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Noble Fates Review

Given a clean slate world, you and a few companions immediately find yourselves in a world full of opportunity in this fun little RTS survival/world building game. After a fairly short intro, you will receive the option to select a character who will be your ruler. Each characters comes equipped with pros and cons to keep the adventure interesting and every changing even if just in a slightly different way. Unfortunately, one of the four companions will not wish to follow and will leave. There is an interesting choice that you get to make here that can have effects on your world.

Considering the choice you make with your fourth companion, you will have many choices similar to make that can shape your world in interesting ways that really can create interesting dynamics to the factions that form. As your adventure moves forward, visitors will come and go, some requiring things of you and your choices to help or make friends can impact your world greatly as new leaders show up across the world.

As a person who is not actually a big fan of RTS styled titles, these dynamics really impressed me and kept the world interesting. Of course like most RTS games, you will be using your town folk to gather materials, craft and build to expand your colony. When visitors come to your colony, if you go out of your way with them, you can even make good enough friends with people to convince them to join you. More hands on deck really can incredibly increase your capabilities with progression, which is of course the name of the game.

Housing building mechanics in Noble Fates has a bunch of really cool features that give elements of interest with your team. Door locks is such an example worthy of mention as it just goes to show that security really can become a very necessary tool to keep your mind on as you build your kingdom. However, we cannot have it as easy as simply clicking a door and getting it. We have to train our villagers to learn skills such as this, so each of your team really starts to have tons of value in their own ways really boosting your need for them and the care you will want to put into them to keep them alive and loving your leader.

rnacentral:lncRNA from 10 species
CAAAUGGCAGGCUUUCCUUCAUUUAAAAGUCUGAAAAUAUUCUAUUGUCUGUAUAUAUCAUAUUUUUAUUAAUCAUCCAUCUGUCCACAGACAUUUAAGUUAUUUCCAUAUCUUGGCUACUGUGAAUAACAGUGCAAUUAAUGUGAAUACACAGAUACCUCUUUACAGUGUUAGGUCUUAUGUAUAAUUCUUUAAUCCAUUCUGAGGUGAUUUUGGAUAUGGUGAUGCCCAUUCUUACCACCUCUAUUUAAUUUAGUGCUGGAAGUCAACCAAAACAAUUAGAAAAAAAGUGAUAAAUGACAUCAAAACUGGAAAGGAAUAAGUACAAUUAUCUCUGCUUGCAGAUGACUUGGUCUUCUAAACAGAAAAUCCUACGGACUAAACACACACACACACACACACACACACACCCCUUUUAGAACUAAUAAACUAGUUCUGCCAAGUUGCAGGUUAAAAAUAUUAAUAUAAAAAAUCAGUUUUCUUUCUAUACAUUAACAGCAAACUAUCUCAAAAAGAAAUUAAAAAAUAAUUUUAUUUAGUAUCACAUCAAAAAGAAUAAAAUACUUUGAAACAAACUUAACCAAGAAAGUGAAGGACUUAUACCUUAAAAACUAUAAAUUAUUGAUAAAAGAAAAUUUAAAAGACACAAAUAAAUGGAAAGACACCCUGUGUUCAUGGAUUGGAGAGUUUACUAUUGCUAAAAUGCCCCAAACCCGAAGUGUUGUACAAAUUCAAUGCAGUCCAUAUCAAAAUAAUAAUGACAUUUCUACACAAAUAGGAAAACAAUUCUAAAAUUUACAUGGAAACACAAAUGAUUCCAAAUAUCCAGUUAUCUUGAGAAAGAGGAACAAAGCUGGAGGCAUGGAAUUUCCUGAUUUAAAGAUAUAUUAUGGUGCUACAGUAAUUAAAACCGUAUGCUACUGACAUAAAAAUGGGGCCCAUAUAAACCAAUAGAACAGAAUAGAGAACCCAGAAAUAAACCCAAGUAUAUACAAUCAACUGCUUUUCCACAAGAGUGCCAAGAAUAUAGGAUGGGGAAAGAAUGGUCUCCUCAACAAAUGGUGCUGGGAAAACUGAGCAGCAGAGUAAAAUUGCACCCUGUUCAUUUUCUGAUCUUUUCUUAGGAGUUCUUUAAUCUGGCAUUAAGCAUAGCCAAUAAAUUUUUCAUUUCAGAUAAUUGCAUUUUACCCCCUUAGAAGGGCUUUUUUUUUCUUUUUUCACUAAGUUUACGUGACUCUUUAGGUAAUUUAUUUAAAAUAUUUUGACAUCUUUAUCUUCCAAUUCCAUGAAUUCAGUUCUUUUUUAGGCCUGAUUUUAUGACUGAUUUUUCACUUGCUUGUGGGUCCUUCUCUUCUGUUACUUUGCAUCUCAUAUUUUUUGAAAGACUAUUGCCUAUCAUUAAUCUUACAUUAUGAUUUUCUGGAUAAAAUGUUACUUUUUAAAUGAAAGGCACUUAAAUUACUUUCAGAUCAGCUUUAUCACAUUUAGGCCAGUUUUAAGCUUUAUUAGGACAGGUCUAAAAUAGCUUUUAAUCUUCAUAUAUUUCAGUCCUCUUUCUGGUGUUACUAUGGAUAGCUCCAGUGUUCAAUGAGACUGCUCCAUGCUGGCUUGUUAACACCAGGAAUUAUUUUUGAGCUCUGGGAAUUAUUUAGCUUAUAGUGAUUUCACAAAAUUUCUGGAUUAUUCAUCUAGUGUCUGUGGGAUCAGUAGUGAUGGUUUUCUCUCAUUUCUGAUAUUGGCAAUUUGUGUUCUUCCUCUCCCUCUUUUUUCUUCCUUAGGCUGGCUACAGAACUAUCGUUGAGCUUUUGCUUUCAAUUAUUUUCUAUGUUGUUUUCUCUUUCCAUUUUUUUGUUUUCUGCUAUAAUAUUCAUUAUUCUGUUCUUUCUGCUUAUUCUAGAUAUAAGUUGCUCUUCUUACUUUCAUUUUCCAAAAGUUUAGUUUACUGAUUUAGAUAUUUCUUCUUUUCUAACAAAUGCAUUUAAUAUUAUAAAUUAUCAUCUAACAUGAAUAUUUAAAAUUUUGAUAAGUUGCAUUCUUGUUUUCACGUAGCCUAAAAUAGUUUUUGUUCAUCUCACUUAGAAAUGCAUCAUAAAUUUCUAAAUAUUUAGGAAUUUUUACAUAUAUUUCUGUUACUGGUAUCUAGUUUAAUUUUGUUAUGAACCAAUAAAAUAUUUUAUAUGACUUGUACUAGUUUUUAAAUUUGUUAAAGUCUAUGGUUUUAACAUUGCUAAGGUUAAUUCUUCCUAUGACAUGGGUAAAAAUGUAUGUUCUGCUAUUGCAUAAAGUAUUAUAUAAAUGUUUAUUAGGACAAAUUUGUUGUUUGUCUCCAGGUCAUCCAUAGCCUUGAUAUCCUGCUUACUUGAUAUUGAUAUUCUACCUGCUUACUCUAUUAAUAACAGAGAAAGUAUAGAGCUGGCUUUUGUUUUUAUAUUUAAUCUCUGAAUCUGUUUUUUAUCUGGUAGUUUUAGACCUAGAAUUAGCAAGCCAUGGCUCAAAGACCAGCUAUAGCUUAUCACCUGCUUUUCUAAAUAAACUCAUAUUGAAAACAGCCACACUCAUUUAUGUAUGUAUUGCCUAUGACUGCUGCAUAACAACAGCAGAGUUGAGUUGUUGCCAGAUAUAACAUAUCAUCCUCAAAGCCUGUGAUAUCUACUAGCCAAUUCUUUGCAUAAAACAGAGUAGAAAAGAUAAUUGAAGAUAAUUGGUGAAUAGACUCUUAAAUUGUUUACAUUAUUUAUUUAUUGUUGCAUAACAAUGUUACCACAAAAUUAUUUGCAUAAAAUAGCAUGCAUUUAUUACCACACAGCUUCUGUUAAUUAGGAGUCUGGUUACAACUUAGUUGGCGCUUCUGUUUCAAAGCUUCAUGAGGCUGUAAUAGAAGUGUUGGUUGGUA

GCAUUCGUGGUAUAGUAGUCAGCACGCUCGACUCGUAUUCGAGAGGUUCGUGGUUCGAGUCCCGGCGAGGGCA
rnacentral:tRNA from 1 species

Although the game-play is really interesting, to some folks the graphical side of this title may be off-putting. For myself, looking past graphics that aren’t exactly AAA quality comes easy, as game-play comes first in my book. From a game-play perspective, Noble Fates has tons to offer, with only slightly having oddities in the controls that I sometimes struggled with. Primarily, the issue I ran into was getting my villagers to do specific tasks I wanted a specific person to do. I simply remedied this by selecting the person and individually instructed jobs. To some, this may seem obvious, but as a person who doesn’t play much RTS, this felt like a struggle.

Despite the very minor hurdles, this game is shaping up to be a real blast to play. Even just exploring the world and building really gives me Minecraft vibes where I just find myself wanting to explore around build stuff, but with the threat of enemies all around really brings a very dangerous feeling to the world, which is welcome. These types of elements in games can really help the would feel alive.

Noble Fates really is a game that has tons of promise and one I would say you shouldn’t just pass up. Yes it may not be very pretty, but it makes up for it in so many ways. I honestly hope this game keeps growing and having more added on to it in the future as what we already have is great, so it can only get better.

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